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On visit to Hungary, UNHCR Chief calls for end to detention and greater solidarity with refugees

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On visit to Hungary, UNHCR Chief calls for end to detention and greater solidarity with refugees

Grandi calls on Hungary to improve access for people seeking asylum and to do away with its so-called border "transit zones".
12 September 2017
Hungary. High Commissioner Filippo Grandi at Röszke Transit Zone
UN Refugee Chief Filippo Grandi discusses Hungary's asylum system with Hungarian officials at the Serbian border.

BUDAPEST, Hungary - UN High Commissioner for Refugees Filippo Grandi Tuesday called on Hungary to improve access for people seeking asylum and to do away with its so-called border “transit zones,” which he said are in effect detention centres.

He made the comments at a press conference in the Hungarian capital after a visit to one of Hungary’s two transit zones, where officials explained that about ten asylum-seekers per day are admitted into the country.

“If you put together restrictions to access to territory - the use of detention for asylum seekers and the low recognition rates, coupled with the absence of any investment to encourage integration of those recognized as refugees - my fundamental impression is that there is an effort to limit severely the number of people allowed to come to Hungary to seek protection,” he told journalists. He said the rows of razor wire topping the rows of fences at Roszke convey “a symbol of rejection."

“Refugee protection and security of the country are not incompatible.”

In meetings in Budapest, with Minister of Foreign Affairs Péter Szijjártó and Interior Sándor Pintér, Grandi stressed that the UN Refugee Agency recognizes the right of every country to protect its borders. He is on a two-day visit to the Central European country.

But, he said, “refugee protection and security of the country are not incompatible.” He also emphasized the importance of European solidarity and of all EU member states, including Hungary, taking part in the program to relocate asylum-seekers from Greece and Italy.

He reflected concern for the children he had met in the morning who were being kept in the “transit zones” while awaiting a decision on their asylum applications.

“Children, in particular, should not be confined in detention,” Grandi said Tuesday after touring the Röszke transit zone on Hungary’s border with Serbia during a two-day visit to the Central European country. He noted that children younger than 14 who arrived in Hungary alone are transferred to an open centre where they are getting adequate care and encouraged Hungary to maintain such a facility while expanding it to include older unaccompanied children.

“Seeking asylum is not a crime,” he said. “The refugees I met are simply in search of safety in Europe and now find themselves extremely anxious about their future.”.” He appealed to the Hungarian government to ease constraints on its asylum system so that asylum-seekers entering the country face no obstacles and can have their cases heard in line with Hungary’s international commitments.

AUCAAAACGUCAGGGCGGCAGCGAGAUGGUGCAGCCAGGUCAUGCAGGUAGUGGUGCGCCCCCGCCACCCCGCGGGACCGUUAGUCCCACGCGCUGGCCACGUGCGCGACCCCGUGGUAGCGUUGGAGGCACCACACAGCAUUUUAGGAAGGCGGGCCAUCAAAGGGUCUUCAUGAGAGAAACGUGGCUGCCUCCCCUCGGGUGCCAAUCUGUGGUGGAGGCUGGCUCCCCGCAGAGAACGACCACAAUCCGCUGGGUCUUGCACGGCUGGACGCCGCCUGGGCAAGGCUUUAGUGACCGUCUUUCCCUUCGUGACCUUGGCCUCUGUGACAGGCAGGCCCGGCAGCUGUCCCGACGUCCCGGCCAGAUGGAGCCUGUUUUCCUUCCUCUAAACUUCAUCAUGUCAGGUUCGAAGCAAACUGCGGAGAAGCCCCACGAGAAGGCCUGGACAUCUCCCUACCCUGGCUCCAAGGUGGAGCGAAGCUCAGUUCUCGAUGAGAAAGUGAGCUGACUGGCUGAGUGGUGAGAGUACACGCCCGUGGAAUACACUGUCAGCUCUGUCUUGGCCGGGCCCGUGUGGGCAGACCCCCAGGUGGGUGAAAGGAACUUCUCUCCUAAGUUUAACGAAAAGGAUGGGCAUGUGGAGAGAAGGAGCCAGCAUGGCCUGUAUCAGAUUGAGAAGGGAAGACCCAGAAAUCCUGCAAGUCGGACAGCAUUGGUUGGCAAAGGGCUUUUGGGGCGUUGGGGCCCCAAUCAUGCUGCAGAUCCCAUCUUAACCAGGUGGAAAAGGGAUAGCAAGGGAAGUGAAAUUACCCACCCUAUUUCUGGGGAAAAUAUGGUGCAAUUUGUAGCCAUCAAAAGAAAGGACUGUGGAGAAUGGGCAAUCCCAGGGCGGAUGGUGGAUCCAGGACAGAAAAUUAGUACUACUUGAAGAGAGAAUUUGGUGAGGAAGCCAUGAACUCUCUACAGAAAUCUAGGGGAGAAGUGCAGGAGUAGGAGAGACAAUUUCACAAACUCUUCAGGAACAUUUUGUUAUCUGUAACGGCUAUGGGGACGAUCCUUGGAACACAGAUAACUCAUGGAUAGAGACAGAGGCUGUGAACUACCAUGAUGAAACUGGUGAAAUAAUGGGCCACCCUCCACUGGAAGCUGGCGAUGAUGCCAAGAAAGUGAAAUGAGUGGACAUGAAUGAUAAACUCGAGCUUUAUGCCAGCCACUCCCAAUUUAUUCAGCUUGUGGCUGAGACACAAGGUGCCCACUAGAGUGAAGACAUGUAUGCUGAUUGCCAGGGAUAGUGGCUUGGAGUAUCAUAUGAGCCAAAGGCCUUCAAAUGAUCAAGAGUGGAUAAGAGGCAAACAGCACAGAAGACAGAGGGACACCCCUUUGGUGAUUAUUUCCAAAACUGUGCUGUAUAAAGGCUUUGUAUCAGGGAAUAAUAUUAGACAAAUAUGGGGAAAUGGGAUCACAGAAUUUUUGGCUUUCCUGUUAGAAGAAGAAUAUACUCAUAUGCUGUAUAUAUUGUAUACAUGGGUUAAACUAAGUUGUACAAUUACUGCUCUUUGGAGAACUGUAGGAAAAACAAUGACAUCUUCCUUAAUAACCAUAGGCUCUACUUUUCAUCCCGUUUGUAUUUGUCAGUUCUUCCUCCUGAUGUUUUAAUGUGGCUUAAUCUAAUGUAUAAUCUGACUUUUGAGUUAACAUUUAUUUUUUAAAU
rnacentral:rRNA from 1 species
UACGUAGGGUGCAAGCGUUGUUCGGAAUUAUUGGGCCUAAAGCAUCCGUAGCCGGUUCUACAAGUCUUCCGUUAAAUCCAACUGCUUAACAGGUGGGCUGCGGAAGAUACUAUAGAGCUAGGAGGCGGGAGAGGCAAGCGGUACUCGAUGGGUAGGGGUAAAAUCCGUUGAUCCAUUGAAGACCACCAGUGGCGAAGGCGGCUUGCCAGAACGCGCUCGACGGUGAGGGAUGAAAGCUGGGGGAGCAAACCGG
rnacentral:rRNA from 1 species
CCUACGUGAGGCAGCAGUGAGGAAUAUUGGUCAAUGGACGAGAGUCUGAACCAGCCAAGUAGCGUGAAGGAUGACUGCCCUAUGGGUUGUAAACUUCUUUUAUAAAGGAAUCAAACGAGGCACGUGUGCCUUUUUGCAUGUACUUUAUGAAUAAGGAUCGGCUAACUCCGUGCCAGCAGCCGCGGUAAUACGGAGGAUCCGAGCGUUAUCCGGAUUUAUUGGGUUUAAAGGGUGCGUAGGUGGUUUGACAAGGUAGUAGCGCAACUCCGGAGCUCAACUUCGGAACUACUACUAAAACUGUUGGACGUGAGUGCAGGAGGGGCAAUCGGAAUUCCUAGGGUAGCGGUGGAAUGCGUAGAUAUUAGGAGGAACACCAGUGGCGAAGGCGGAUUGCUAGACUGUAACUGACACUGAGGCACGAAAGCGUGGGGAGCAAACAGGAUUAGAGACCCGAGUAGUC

In his morning visit to Röszke, Grandi met two 14-year-old boys who found their way to Hungary on their own. Ahmad, from Aleppo, Syria, fled war in his homeland when he was just 12 and arrived in Hungary one month ago after a harrowing journey.

He told Grandi he hoped to receive asylum here because his family is in danger. If he gets refugee status, he hopes to rescue them by applying for family reunification.

Grandi saw how refugees in live in containers in small locked compounds.

Suleyman, from Kabul, showed a large scar on his arm – the result, he said of a Taliban attack back home. He said he fears being forced to return and would like to stay in Hungary.

Grandi saw how refugees in Röszke live in containers in small locked compounds, and heard that medical care and other services are provided. He dropped in briefly on an informal Hungarian class for children than just started a few days earlier.

Asylum-seekers complain mostly of the lack of information about the asylum process and of being penned up without freedom to move beyond the many razor-wire fences.

Over the last few years, Hungary has systematically constrained its asylum system through restrictive legal measures and has virtually eliminated state support for recognized refugees to get by and integrate. Hungary has also established physical barriers, including razor-wire fences along its borders and restricts access to asylum by allowing only ten asylum-seekers per working day into the country. “When I was standing at the border fence today, I felt that the entire system is designed to keep people in need of international protection out of the country, preventing many from making a legitimate asylum claim,” Grandi said.

Once asylum-seekers get into one of Hungary’s two transit zones, refugee recognition rates are low, even for people fleeing conflict-ridden countries like Iraq and Afghanistan. Hungarian officials told the High Commissioner they are working on improving procedures.

During his visit, Grandi also visited UNHCR’s Global Service Centre where some 500 staff members work. These include about 300 Hungarian nationals who provide essential support to UNHCR staff members protecting refugees around the world. He expressed his gratitude to the Hungarian government for its support to the Centre and to the staff who are devoting their professional skills to serve refugees.